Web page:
Maintenance trimming keeps the plant growing in the direction you want, hitting the balance between good growth and nice shape and it should happen between one and three times over the Summer. You should never cut back more than 25% of the growth, or a depth of 1 to 3 inches for most shrubs, as this will maintain the shape without causing detriment to the plant.
If you are simply aiming to keep large hedges in shape without the need for topiary level tidiness, then a single trim at the start of the summer should keep the spring growth at bay while giving the plant time to enjoy the sunny season.
If you are looking to maintain specific shapes, such as balls, in your shrubbery, the early trim at the start of the summer will need additional attempts, but you’ll need to use your best judgement to gauge when to trim your hedge by observing the effects of the weather on the togetherness of your topiary. However, try not to be over-zealous in your approach as too much trimming will have an adverse effect on your friendly foliage.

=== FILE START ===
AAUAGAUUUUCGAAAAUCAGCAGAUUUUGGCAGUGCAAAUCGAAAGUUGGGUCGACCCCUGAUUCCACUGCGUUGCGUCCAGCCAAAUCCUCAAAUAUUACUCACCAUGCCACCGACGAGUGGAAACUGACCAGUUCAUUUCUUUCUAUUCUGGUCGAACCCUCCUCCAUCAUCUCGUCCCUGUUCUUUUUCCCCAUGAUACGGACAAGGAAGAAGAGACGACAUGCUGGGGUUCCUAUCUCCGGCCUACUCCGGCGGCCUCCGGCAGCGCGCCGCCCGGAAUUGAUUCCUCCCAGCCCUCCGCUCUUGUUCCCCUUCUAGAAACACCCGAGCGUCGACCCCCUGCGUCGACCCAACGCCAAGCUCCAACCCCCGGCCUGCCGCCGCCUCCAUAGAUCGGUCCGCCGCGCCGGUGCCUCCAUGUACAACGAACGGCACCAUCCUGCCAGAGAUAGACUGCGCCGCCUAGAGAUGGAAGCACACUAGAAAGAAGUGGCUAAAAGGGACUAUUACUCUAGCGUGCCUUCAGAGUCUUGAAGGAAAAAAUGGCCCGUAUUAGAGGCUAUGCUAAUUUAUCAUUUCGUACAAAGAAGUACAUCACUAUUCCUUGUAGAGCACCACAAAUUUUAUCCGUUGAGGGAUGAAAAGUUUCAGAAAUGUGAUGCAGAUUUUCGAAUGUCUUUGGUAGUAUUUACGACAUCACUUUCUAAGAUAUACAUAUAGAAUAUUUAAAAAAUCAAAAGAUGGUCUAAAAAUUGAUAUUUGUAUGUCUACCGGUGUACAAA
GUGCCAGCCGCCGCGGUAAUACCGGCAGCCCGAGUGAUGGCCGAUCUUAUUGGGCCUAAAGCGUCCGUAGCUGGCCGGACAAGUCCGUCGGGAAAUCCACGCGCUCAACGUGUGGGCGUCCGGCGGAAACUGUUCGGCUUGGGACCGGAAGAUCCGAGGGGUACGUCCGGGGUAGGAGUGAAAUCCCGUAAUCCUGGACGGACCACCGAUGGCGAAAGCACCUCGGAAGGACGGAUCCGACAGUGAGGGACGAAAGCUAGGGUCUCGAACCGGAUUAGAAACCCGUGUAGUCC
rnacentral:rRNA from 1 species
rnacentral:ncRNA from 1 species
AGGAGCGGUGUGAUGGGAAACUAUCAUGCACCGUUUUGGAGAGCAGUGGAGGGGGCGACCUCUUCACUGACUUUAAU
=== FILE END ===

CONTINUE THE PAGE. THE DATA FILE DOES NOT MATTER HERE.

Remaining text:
What Tools Should You Use?
Depending on the size of the task in hand, you’ll need the following gear in your gardening arsenal:
- Secateurs – for the finer details, particularly in the formative pruning stages, a good pair of secateurs will help you get deep into the deadwood to unleash your hedge’s awesome appearance. Check out our Guide to Secateurs to choose your perfect pruning partner!
- Shears – maintenance trimming will often require big blades for clean cuts and if you don’t have a big budget, or a big area to attack, then a good set of hand shears will see you right.
- Hedge Trimmer – to make light work of the big jobs, petrol or electric hedge trimmers will drive to victory with ease. I’ve got everything you need to know in my Hedge Trimmer Guide!
- Let’s not forget safety gear as well! Safety goggles and gloves are must-haves and it’s just common sense to use them so don’t argue!
- Groundsheets are a smart move in saving time on the clear-up. You could let the winds blow your leaves away, but that zen-like approach might not cut the mustard in sleepy suburbia!
When To Trim Your Hedge
As with good comedy, timing is everything, and the general rule with pruning is to do it in winter or early spring. This is when your plants will be dormant; the damage caused by pruning is limited and when the spring growth occurs it will respond to your cuts.